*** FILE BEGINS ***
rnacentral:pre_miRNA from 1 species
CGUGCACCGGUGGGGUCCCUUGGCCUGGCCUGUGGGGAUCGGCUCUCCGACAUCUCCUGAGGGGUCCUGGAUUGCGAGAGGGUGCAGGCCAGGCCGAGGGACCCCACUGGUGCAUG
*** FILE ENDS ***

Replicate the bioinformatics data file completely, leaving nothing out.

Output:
rnacentral:pre_miRNA from 1 species
CGUGCACCGGUGGGGUCCCUUGGCCUGGCCUGUGGGGAUCGGCUCUCCGACAUCUCCUGAGGGGUCCUGGAUUGCGAGAGGGUGCAGGCCAGGCCGAGGGACCCCACUGGUGCAUG